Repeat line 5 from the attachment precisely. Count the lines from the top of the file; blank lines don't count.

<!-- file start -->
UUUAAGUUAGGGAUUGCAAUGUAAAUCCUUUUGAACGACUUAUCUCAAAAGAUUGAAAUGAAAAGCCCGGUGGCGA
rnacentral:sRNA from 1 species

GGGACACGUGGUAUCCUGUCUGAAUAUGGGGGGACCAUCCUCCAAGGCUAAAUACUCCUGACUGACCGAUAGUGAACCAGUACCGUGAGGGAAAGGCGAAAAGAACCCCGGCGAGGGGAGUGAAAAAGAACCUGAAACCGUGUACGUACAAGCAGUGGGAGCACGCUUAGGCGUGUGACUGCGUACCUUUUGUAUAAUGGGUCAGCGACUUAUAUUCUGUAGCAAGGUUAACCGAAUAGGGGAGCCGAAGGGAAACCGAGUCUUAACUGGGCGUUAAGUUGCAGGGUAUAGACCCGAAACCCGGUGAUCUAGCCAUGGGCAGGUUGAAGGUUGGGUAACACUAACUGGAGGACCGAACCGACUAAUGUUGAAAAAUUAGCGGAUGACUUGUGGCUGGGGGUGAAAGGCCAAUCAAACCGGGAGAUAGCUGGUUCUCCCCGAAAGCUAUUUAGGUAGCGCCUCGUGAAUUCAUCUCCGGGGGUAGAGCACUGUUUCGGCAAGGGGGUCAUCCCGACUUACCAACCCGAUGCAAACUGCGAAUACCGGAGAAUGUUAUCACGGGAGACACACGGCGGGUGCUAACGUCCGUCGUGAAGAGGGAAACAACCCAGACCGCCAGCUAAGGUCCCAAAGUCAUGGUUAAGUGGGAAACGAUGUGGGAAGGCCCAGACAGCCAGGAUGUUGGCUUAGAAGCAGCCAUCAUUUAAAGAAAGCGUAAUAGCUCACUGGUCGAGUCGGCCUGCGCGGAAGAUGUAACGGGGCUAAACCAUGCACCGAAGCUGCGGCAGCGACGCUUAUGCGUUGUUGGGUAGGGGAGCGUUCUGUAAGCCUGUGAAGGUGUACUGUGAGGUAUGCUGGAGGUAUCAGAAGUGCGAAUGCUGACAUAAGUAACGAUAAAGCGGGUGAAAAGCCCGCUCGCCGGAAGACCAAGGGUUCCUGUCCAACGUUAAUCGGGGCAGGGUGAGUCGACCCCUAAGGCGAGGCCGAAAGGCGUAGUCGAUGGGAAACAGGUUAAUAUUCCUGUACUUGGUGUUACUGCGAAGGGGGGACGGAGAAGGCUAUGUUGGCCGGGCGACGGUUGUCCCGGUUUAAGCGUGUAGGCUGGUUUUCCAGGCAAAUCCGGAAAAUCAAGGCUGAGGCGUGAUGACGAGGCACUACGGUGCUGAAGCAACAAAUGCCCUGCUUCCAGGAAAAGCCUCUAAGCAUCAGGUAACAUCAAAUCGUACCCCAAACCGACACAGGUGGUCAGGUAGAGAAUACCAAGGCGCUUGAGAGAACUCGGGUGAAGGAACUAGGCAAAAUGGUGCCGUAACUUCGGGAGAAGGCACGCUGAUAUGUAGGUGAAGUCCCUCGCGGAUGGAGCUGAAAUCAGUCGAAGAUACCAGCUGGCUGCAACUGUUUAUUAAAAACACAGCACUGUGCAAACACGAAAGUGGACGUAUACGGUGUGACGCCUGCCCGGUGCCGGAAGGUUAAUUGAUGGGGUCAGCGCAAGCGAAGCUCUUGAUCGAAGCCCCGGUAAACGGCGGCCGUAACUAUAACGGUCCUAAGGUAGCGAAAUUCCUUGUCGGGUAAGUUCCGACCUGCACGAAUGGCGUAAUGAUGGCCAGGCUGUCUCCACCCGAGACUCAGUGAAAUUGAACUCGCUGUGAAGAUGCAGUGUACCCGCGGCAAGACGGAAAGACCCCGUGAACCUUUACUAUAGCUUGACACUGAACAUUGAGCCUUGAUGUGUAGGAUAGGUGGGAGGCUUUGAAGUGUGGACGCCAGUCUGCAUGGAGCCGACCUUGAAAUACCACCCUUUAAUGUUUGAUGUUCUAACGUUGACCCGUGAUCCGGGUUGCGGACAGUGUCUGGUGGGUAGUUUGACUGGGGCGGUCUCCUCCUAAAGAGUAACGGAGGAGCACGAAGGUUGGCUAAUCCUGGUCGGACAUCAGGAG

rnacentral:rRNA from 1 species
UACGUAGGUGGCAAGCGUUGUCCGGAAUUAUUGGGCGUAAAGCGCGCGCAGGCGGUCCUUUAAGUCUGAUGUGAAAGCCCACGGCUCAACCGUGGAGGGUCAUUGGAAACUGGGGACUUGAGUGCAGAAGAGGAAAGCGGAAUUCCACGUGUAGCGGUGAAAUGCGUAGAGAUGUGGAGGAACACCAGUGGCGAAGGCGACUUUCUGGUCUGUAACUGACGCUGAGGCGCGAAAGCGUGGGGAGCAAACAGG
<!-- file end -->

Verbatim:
UACGUAGGUGGCAAGCGUUGUCCGGAAUUAUUGGGCGUAAAGCGCGCGCAGGCGGUCCUUUAAGUCUGAUGUGAAAGCCCACGGCUCAACCGUGGAGGGUCAUUGGAAACUGGGGACUUGAGUGCAGAAGAGGAAAGCGGAAUUCCACGUGUAGCGGUGAAAUGCGUAGAGAUGUGGAGGAACACCAGUGGCGAAGGCGACUUUCUGGUCUGUAACUGACGCUGAGGCGCGAAAGCGUGGGGAGCAAACAGG